I started this Blog after being diagnosed with Prostate Cancer in 2010. I thought I was going to die! It was a way of keeping family and friends informed but then became a campaigning tool, helping to make improvements in hospitals nationally. 11 years on, after successful surgery, my PSA is still undetectable. I'm not continuing to Blog about prostate cancer, I'm hoping to leave it in the past, but this blog contains a great archive of information.
When diagnosed with localised prostate cancer, if the cancer is low grade and still well contained, you may be offered other treatment, such as brachytherapy or even just watchful waiting, to see how things progress.
However, if treatment is recommended because the cancer is starting to become well established, there are usually two choices on offer, surgery or radiotherapy.
After talking to the specialists involved, only you can make that choice, nobody makes it for you. The outcomes are roughly the same and each has its equal share of advantages/disadvantages, so it's no easy choice.
I opted for surgery, simply because I wanted to leave my cancer in a 'bin' at the hospital and not carry it around in my body as a dead radiated lump. It seemed cleaner, I have no regrets.
Surgery costs around £30,000 and radiation, less than a third of that price.
I'm now wondering, with the NHS run extensively by accountants, if there will soon be only one choice, and this is how we are being sold it.
What do you think? Read this from the BBC today...
Hard-and-fast prostate radiotherapy 'a win-win for NHS'
The NHS could save money and patients' time by giving fewer but stronger doses of radiotherapy treatment for prostate cancer, say experts.
The UK doctors told the Lancet Oncology there was now enough proof the hard-and-fast treatment worked just as well and did not cause more side-effects.
For a patient, the new regime would mean 17 fewer trips to hospital.
Nationally, it would free more than 150,000 visits, saving the NHS tens of millions of pounds each year.
Prostate cancer makes up more than a quarter of the workload of UK radiotherapy departments, and many cancer centres are already making savings by following the new regime.
Prof David Dearnaley and his team, from the Institute of Cancer Research and the Royal Marsden Hospital, say others should do the same.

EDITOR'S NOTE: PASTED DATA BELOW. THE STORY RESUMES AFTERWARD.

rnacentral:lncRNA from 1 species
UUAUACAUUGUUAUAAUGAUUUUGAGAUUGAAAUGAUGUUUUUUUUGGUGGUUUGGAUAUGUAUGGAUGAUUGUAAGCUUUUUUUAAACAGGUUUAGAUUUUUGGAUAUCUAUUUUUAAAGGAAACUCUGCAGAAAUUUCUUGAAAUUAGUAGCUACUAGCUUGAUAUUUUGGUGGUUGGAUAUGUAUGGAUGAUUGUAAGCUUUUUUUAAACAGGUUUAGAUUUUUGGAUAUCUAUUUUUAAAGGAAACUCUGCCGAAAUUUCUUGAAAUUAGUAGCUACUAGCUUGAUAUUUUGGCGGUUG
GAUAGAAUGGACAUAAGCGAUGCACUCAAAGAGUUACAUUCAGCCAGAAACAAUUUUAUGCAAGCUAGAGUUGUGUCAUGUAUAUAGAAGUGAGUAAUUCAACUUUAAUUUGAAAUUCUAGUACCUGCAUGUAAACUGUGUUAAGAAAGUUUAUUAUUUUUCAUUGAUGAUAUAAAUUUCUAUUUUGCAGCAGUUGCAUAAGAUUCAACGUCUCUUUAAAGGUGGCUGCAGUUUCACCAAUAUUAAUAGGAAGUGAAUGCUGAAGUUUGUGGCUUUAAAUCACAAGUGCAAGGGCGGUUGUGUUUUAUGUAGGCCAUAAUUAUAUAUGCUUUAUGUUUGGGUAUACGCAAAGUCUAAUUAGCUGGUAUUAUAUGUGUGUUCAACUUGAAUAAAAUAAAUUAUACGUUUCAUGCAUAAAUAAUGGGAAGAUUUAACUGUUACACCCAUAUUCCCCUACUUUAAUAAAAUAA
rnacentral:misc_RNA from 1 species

They estimate about 10,000 men a year could benefit from the new treatment regime.
The treatment is given over four weeks instead of seven and a half, and uses higher doses of radiation to zap the prostate gland and kill the cancer.
Studies in thousands of men suggest giving 20 high doses for a month is as effective as giving 37 standard doses over two months.
Prof Dearnaley said: "There are no losers with this. Everybody wins - the NHS and patients."
The work was part-funded by the Department of Health and Cancer Research U.K.
Prof Arnie Purushotham, of Cancer Research UK, said: "It is clear that this is safe and effective, so it is now up to the NHS to ensure all men who are suitable are offered this treatment immediately."
PUBLISHED: 00:50 GMT, 14 June 2016 | UPDATED: 01:05 GMT, 14 June 2016
A pioneering therapy using high powered laser beams may cure prostate cancer, according to research.
The sci-fi style technology doesn't require surgery and has already been successful in zapping the tumours of 19 men.
It 'fuses' an MRI (magnetic resonance imaging) scanner with ultrasound to identify diseased cells. A precisely targeted laser fibre is then heated up to annihilate them.
A pioneering therapy using high powered laser beams may cure prostate cancer, according to research (stock image)
Urologist Professor Leonard Marks, of the University of California, Los Angeles, said: 'Our feeling was if you can see prostate cancer using the fusion MRI and can put a needle in the spot to biopsy it, why not stick a laser fibre in the tumour the same way to kill it.
'This is akin to a lumpectomy for breast cancer.
'Instead of removing the whole organ, target just the cancer inside it.
'What we are doing with prostate cancer now is like using a sledgehammer to kill a flea.'